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I have a project which consists of the components below, and am struggling with how best to structure the solution given the dependencies versus typical work flow.

Components:

  • -BusinessLayer
  • -ServiceLayer
  • -WebUI
  • -ServiceRunners

The dependencies are as follows:

ServiceLayer depends on:

  • Business Layer

WebUI depends on:

  • Business Layer
  • Service Layer

Service Runners depend on:

  • Business Layer
  • Service Layer

Typically the bulk of changes occur in the Business Layer & Web UI, isolated from changes that impact the service layer/runners. Would it be advisable to have the Business Layer, Service layer, Web UI and Service Runners in the same solution to keep assemblies in sync, even though most changes to business layer won't affect the operation of the service layer/runners? Or would it be better to partition solution into two, with one containing the WebUI + Business Layer + Service Layer, and one containing the Service Runners + Business Layer + Service Layer?

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That's not very complex. –  John Saunders Dec 29 '11 at 20:06
    
Great insight John -- glad you took the time. Maybe you saw "complex" is in quotes? It may not be complex to you, but to others complexity is relative to the environment and background someone is coming from. –  nerdn Dec 29 '11 at 20:39
    
What languages are you using? –  Dialecticus Dec 29 '11 at 23:04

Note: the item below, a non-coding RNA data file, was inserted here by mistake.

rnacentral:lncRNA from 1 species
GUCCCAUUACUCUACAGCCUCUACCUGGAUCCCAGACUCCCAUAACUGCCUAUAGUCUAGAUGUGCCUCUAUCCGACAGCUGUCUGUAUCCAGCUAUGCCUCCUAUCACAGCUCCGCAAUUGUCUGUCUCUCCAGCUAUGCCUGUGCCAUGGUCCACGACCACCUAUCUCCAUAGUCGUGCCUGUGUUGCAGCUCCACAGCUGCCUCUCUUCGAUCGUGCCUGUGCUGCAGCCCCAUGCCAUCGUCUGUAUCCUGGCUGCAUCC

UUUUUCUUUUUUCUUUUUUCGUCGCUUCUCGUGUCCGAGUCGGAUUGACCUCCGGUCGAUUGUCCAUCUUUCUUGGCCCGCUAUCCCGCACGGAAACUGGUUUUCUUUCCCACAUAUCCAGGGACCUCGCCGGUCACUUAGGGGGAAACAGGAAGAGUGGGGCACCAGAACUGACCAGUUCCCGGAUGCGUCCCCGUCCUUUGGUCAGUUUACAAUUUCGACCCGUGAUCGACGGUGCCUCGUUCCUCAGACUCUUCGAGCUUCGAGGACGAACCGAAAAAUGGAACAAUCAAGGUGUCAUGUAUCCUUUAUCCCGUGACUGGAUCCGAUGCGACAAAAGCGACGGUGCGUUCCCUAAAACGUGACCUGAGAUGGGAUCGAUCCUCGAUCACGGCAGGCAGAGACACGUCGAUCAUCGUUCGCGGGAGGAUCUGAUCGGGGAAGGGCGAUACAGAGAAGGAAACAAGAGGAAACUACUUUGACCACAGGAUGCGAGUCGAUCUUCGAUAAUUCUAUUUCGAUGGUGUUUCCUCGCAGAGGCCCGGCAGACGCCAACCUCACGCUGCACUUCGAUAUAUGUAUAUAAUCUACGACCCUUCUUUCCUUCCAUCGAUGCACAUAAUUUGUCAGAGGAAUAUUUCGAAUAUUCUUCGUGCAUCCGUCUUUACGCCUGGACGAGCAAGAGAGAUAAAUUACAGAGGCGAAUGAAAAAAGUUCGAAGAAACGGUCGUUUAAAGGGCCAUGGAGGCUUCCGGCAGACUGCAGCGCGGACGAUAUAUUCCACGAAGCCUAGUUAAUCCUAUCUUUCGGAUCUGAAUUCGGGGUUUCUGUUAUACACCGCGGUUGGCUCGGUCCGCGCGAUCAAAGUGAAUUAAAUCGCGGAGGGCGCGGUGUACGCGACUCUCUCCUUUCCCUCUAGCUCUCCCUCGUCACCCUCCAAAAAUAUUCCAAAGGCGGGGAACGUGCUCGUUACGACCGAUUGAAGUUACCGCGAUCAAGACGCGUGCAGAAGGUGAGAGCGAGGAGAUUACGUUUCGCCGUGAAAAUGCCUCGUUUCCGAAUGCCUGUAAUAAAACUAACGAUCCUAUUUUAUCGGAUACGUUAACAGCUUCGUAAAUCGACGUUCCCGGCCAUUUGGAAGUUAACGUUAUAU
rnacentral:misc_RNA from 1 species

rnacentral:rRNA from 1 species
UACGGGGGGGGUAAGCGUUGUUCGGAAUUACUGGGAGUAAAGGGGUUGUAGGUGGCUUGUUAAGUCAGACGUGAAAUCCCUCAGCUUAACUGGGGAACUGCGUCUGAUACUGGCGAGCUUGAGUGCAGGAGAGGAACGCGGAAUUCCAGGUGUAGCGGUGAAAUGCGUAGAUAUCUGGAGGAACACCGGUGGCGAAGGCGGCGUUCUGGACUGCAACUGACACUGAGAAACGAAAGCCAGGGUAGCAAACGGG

All of the projects are C# based –  nerdn Jan 6 '12 at 14:14

2 Answers 2

up vote 2 down vote accepted

Might be a bit late but I can highly recommend this article.

I have a primarily java background and as great as I think .Net is - there's a lot of basic principles in the java world surrounding project structure that don't yet seem to have hit mainstream in .Net land (java itself went through a lot of pain extracting these).

This article seems to have captured most of those and will give you some good rules of thumb to observe whilst evolving your Solution. One principle which I think relates specifically to your question is - "one release - one solution". My current employ breaks their solutions up (sometimes there can be several). I find it very painful and not at all worth the compile time savings.

http://mikehadlow.blogspot.com.au/2007/07/how-to-structure-visual-studio.html

Good luck!

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I highly recommend reading the following MSDN best-practice article that touches on separating solutions from the build system to allow more control over build dependencies while allowing developers to create solutions that make sense for them at the time to increase productivity...

http://msdn.microsoft.com/en-us/magazine/dd483291.aspx

I've found this type of implementation to work very well in complex scenarios such as the one you describe above.

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